Government funding has helped unlock plans to put the Midlands on a unique footing as a global centre for advanced technical ceramics.
Government finance, provided through UK Research and Innovation’s flagship Strength in Places Fund, has been successfully secured by the Midlands Industrial Ceramics Group (MICG), which draws on industry and academia to make the region a magnet for international investment.
A key element of the project will be the delivery of improvements to manufacturing processes, making advanced ceramics more energy-efficient, faster and cheaper – boosting growth and productivity across the supply chain and benefitting customers across a wide range of industry sectors.
According to the group, this will ultimately contribute towards growth of 4,200 jobs in the region by 2030, and provide “an integrated platform of digitally intuitive manufacturing”.
Membership of the MICG comprises organisations including: Rolls-Royce, JCB, Morgan Advanced Materials and Lucideon, as well as the universities of Birmingham, Leicester and Loughborough.
Chairman of the Midlands Engine, Sir John Peace commented: “The Midlands has always been a global leader in ceramic design, cutting-edge product development with global research organisations, and innovative manufacturing technology.
“Advanced ceramics are critical to increase the competitiveness of key high-value advanced manufacturing industries in the region, and vital to the nation’s economic recovery and self-sufficiency.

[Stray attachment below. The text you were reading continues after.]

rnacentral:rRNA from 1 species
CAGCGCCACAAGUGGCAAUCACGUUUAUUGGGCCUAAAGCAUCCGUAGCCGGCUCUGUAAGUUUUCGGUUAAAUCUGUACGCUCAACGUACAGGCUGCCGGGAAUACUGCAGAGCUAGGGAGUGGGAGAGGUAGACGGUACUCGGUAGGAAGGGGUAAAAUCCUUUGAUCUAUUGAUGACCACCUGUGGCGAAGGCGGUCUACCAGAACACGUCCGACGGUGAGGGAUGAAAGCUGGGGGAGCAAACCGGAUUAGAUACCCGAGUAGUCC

“Through the collaboration of the MICG partners, the researcher, manufacturer and end-user will be connected, enabling effective problem-solving, ‘de-risking’ of innovation and faster commercialisation – leading to regional and national growth.”
An Advanced Ceramics Campus in North Staffordshire is also proposed, to unify the knowledge and strengths of academia and industry for the benefit of the Midlands region and the wider UK stakeholders.
Alan Newby, Director, Aerospace Technology & Future Programmes, Rolls-Royce, believes the MICG will have a significant impact on the Midlands ceramic economy.
He said: “We want to bring innovation to the marketplace quickly and the MICG has the potential to do that. We can build on the strength of the universities, alongside companies like Morgan Advanced Materials and Lucideon, to concentrate that knowledge locally and nationally, as well as around the world.
“We can see that this group will provide a platform for knowledge-sharing to bring the development of concepts to commercialisation, under a fast-track process.”
Professor Bala Vaidhyanathan of Loughborough University said that the project will provide the Midlands advanced ceramics sector with “a very strong competitive advantage” and will offer “state-of-the-art training to the next generation skilled workforce”.